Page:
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The Taliban vs. Teenage Girl, Richard Hell, The New Deal

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Monday, March 11, 2013

Malala Yousafzai Vanity Fair (From the April 2013 issue of Vanity Fair)

Vanity Fair’s Marie Brenner tells how a Pakistani girl became the face of resistance against the Taliban—and the target of gunfire. Richard Hell talks about starting pivotal punk bands like Television, the Heartbreakers, and Richard Hell and the Voidoids. Jonathan Dee describes his latest novel, A Thousand Pardons. Historian Ira Katznelson argues that a small group of Southern lawmakers protected American democracy during the 1930’s, even as they safeguarded racial segregation. 

Malala Yousafzai: The Target

Vanity Fair writer-at-large Marie Brenner discusses Malala Yousafzai, the 15-year-old girl from Mingora, Pakistan, who was recently shot for speaking out against the Taliban. In her article “The Target,” in the April issue of Vanity Fair, she tells how a girl from a remote village became a force for change as well as a focus for a number of complex agendas.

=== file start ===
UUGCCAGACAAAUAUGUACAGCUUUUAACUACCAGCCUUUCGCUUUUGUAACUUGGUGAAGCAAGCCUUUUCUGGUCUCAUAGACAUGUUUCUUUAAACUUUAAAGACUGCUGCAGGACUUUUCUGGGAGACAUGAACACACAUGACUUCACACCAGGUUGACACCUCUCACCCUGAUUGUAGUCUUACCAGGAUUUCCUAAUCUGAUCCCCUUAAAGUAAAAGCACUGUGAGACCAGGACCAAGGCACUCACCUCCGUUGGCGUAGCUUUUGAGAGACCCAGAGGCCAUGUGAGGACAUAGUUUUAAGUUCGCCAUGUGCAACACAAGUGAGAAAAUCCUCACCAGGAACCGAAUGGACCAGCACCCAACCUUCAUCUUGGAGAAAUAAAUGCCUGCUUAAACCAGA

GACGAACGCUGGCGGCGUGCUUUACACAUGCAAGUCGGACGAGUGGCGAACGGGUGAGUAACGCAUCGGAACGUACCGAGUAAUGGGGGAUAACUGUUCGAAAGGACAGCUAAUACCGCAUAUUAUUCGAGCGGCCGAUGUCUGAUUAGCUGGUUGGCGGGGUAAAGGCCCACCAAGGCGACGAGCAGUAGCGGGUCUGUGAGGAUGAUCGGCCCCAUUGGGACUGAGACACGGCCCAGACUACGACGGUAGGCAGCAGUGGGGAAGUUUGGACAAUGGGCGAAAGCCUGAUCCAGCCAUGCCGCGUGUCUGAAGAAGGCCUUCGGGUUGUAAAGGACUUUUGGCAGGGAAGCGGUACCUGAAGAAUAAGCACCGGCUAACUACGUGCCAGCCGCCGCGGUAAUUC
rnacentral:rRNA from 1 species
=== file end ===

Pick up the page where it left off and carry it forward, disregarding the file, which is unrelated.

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Richard Hell: I Dreamed I Was a Very Clean Tramp

Writer and musician Richard Hell charts his childhood, coming of age, and misadventures as an artist in the era of rock and roll. I Dreamed I Was a Very Clean Tramp: An Autobiography is about his journey from the hinterlands into the city in search of art and passion when he was 17. He was a pivotal voice of the age of punk, starting such seminal bands as Television, the Heartbreakers, and Richard Hell and the Voidoids, and he help make CBGB a punk ground zero. 

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Jonathan Dee on His Novel, A Thousand Pardons

Jonathan Dee talks about his new novel, A Thousand Pardons. It’s a tale of self-invention and public scandal, that raises the question: what do we really want when we ask for forgiveness? 

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The New Deal and the Origins of Our Time

Ira Katznelson examines the pivotal New Deal era through a sweeping international lens that shows democracy struggling against enticing ideologies like Fascism and Communism. Fear Itself: The New Deal and the Origins of Our Time argues that a small group of Southern lawmakers protected American democracy during the 1930s and 1940s, even as they safeguarded racial segregation. 

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